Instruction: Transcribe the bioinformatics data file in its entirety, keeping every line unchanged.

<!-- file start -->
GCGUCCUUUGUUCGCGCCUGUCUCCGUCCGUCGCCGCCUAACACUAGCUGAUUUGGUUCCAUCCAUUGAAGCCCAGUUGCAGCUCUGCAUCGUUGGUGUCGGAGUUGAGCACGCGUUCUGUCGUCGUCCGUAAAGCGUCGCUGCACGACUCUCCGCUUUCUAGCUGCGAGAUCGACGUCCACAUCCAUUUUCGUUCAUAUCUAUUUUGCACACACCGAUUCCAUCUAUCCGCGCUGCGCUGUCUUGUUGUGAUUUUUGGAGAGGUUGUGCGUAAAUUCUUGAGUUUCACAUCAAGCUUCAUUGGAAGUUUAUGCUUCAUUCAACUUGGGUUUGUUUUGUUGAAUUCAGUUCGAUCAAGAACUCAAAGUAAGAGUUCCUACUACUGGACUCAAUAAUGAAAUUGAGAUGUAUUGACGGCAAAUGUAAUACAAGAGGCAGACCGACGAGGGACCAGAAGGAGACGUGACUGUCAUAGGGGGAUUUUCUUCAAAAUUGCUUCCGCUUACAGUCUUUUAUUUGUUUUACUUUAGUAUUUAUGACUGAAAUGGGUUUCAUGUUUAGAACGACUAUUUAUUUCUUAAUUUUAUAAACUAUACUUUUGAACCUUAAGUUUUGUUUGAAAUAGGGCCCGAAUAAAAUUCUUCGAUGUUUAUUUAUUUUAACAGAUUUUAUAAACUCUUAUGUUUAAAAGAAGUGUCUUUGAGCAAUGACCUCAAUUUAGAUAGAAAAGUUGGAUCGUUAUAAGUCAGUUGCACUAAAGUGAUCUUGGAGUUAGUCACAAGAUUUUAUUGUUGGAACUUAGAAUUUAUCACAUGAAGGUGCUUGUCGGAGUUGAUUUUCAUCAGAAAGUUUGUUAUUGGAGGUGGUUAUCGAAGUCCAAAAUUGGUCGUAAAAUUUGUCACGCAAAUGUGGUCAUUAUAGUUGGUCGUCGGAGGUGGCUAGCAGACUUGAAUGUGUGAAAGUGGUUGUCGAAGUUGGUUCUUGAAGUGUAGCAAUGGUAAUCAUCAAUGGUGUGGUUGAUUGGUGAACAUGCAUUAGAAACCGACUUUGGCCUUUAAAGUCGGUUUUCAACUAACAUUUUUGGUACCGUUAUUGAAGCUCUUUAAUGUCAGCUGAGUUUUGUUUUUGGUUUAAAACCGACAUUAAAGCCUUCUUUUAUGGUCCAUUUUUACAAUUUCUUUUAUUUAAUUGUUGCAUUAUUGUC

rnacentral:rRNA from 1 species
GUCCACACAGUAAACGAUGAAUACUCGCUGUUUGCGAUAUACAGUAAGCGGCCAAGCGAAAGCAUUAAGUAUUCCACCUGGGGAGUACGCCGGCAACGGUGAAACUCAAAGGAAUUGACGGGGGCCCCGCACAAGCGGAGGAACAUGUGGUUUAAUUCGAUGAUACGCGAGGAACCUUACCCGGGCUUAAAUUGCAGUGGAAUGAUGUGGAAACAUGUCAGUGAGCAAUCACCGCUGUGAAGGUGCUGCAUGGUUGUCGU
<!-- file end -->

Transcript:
GCGUCCUUUGUUCGCGCCUGUCUCCGUCCGUCGCCGCCUAACACUAGCUGAUUUGGUUCCAUCCAUUGAAGCCCAGUUGCAGCUCUGCAUCGUUGGUGUCGGAGUUGAGCACGCGUUCUGUCGUCGUCCGUAAAGCGUCGCUGCACGACUCUCCGCUUUCUAGCUGCGAGAUCGACGUCCACAUCCAUUUUCGUUCAUAUCUAUUUUGCACACACCGAUUCCAUCUAUCCGCGCUGCGCUGUCUUGUUGUGAUUUUUGGAGAGGUUGUGCGUAAAUUCUUGAGUUUCACAUCAAGCUUCAUUGGAAGUUUAUGCUUCAUUCAACUUGGGUUUGUUUUGUUGAAUUCAGUUCGAUCAAGAACUCAAAGUAAGAGUUCCUACUACUGGACUCAAUAAUGAAAUUGAGAUGUAUUGACGGCAAAUGUAAUACAAGAGGCAGACCGACGAGGGACCAGAAGGAGACGUGACUGUCAUAGGGGGAUUUUCUUCAAAAUUGCUUCCGCUUACAGUCUUUUAUUUGUUUUACUUUAGUAUUUAUGACUGAAAUGGGUUUCAUGUUUAGAACGACUAUUUAUUUCUUAAUUUUAUAAACUAUACUUUUGAACCUUAAGUUUUGUUUGAAAUAGGGCCCGAAUAAAAUUCUUCGAUGUUUAUUUAUUUUAACAGAUUUUAUAAACUCUUAUGUUUAAAAGAAGUGUCUUUGAGCAAUGACCUCAAUUUAGAUAGAAAAGUUGGAUCGUUAUAAGUCAGUUGCACUAAAGUGAUCUUGGAGUUAGUCACAAGAUUUUAUUGUUGGAACUUAGAAUUUAUCACAUGAAGGUGCUUGUCGGAGUUGAUUUUCAUCAGAAAGUUUGUUAUUGGAGGUGGUUAUCGAAGUCCAAAAUUGGUCGUAAAAUUUGUCACGCAAAUGUGGUCAUUAUAGUUGGUCGUCGGAGGUGGCUAGCAGACUUGAAUGUGUGAAAGUGGUUGUCGAAGUUGGUUCUUGAAGUGUAGCAAUGGUAAUCAUCAAUGGUGUGGUUGAUUGGUGAACAUGCAUUAGAAACCGACUUUGGCCUUUAAAGUCGGUUUUCAACUAACAUUUUUGGUACCGUUAUUGAAGCUCUUUAAUGUCAGCUGAGUUUUGUUUUUGGUUUAAAACCGACAUUAAAGCCUUCUUUUAUGGUCCAUUUUUACAAUUUCUUUUAUUUAAUUGUUGCAUUAUUGUC

rnacentral:rRNA from 1 species
GUCCACACAGUAAACGAUGAAUACUCGCUGUUUGCGAUAUACAGUAAGCGGCCAAGCGAAAGCAUUAAGUAUUCCACCUGGGGAGUACGCCGGCAACGGUGAAACUCAAAGGAAUUGACGGGGGCCCCGCACAAGCGGAGGAACAUGUGGUUUAAUUCGAUGAUACGCGAGGAACCUUACCCGGGCUUAAAUUGCAGUGGAAUGAUGUGGAAACAUGUCAGUGAGCAAUCACCGCUGUGAAGGUGCUGCAUGGUUGUCGU